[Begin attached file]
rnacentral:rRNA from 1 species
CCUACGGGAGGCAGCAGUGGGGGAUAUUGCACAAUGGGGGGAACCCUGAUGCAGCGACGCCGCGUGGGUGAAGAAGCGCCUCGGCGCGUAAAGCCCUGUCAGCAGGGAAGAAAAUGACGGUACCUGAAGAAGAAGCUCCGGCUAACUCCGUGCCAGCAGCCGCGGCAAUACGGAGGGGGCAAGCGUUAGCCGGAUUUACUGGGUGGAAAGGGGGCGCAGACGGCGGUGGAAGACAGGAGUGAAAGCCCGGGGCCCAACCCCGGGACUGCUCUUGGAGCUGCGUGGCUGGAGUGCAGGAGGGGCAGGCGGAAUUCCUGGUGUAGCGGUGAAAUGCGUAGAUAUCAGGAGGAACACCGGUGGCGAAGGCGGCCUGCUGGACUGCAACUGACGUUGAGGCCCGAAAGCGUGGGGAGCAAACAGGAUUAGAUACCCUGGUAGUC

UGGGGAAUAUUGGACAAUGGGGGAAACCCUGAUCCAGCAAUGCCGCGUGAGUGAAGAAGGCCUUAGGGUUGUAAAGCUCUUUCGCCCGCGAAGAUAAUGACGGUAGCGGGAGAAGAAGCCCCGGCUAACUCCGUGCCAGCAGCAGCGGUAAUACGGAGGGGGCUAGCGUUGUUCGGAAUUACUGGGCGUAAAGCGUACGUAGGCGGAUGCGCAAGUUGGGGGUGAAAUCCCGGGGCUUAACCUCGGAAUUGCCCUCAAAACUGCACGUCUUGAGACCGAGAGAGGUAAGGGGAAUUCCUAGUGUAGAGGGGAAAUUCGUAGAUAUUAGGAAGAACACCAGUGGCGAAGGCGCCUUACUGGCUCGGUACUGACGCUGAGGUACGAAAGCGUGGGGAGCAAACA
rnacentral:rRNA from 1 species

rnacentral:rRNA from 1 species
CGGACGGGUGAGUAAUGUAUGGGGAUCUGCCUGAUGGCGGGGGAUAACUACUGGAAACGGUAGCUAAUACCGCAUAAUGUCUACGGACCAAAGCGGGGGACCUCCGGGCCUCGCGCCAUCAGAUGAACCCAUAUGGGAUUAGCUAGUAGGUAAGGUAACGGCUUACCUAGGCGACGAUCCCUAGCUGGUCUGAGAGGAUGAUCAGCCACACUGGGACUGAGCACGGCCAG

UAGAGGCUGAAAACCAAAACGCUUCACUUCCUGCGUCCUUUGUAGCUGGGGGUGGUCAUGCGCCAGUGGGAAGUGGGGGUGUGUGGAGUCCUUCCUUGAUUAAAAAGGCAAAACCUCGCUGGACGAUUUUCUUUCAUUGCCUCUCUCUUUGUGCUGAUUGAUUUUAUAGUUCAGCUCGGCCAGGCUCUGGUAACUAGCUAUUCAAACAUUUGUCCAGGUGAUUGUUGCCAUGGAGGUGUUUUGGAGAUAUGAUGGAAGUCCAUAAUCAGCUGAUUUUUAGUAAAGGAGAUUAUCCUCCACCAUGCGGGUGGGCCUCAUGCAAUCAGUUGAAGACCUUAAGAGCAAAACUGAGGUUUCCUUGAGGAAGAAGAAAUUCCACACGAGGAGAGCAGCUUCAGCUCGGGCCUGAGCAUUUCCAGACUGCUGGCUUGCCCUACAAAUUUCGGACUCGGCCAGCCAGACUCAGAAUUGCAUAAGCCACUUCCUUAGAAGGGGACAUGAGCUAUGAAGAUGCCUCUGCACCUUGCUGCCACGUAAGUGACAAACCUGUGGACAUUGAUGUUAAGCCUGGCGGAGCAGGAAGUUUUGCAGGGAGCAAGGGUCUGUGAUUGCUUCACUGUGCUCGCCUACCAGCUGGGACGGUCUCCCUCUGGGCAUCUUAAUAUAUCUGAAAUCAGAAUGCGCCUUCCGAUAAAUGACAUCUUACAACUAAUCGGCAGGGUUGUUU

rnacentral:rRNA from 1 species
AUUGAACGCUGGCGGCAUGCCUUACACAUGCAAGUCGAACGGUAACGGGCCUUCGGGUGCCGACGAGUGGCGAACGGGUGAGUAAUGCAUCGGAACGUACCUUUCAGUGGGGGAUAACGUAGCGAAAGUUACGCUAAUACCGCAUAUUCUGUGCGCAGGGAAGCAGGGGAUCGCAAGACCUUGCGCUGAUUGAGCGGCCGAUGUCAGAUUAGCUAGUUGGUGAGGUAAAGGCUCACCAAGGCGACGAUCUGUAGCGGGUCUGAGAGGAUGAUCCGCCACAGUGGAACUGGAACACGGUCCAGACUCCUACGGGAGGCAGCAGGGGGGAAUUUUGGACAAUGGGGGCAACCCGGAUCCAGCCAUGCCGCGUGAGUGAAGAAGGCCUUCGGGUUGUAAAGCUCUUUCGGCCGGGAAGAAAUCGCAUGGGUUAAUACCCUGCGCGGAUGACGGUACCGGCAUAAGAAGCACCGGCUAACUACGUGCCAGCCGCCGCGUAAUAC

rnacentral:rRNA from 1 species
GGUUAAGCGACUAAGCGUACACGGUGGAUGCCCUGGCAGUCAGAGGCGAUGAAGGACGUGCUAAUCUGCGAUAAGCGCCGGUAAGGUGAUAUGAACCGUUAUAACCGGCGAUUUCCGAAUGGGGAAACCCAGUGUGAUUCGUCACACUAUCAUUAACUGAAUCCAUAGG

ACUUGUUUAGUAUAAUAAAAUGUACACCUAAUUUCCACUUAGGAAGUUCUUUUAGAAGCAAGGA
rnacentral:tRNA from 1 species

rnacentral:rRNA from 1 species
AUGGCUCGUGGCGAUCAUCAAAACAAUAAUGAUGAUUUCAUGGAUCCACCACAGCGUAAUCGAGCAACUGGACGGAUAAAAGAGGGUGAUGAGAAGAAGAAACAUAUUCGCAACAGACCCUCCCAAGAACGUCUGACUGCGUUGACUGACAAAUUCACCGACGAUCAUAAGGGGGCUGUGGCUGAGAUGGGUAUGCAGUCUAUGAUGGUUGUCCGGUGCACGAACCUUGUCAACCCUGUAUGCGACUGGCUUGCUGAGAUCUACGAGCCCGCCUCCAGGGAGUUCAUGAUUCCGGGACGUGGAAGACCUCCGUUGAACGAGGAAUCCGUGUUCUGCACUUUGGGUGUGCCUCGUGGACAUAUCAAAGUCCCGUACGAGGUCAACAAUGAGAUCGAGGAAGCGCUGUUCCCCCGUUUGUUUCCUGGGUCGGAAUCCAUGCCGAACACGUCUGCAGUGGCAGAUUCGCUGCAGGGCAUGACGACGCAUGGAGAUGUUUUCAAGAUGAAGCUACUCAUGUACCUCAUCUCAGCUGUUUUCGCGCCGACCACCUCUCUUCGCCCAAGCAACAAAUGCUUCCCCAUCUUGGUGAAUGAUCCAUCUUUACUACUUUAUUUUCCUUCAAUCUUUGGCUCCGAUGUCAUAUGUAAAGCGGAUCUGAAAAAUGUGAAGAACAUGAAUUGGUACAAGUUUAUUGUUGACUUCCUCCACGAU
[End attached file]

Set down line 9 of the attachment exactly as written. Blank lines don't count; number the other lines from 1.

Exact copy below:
AUUGAACGCUGGCGGCAUGCCUUACACAUGCAAGUCGAACGGUAACGGGCCUUCGGGUGCCGACGAGUGGCGAACGGGUGAGUAAUGCAUCGGAACGUACCUUUCAGUGGGGGAUAACGUAGCGAAAGUUACGCUAAUACCGCAUAUUCUGUGCGCAGGGAAGCAGGGGAUCGCAAGACCUUGCGCUGAUUGAGCGGCCGAUGUCAGAUUAGCUAGUUGGUGAGGUAAAGGCUCACCAAGGCGACGAUCUGUAGCGGGUCUGAGAGGAUGAUCCGCCACAGUGGAACUGGAACACGGUCCAGACUCCUACGGGAGGCAGCAGGGGGGAAUUUUGGACAAUGGGGGCAACCCGGAUCCAGCCAUGCCGCGUGAGUGAAGAAGGCCUUCGGGUUGUAAAGCUCUUUCGGCCGGGAAGAAAUCGCAUGGGUUAAUACCCUGCGCGGAUGACGGUACCGGCAUAAGAAGCACCGGCUAACUACGUGCCAGCCGCCGCGUAAUAC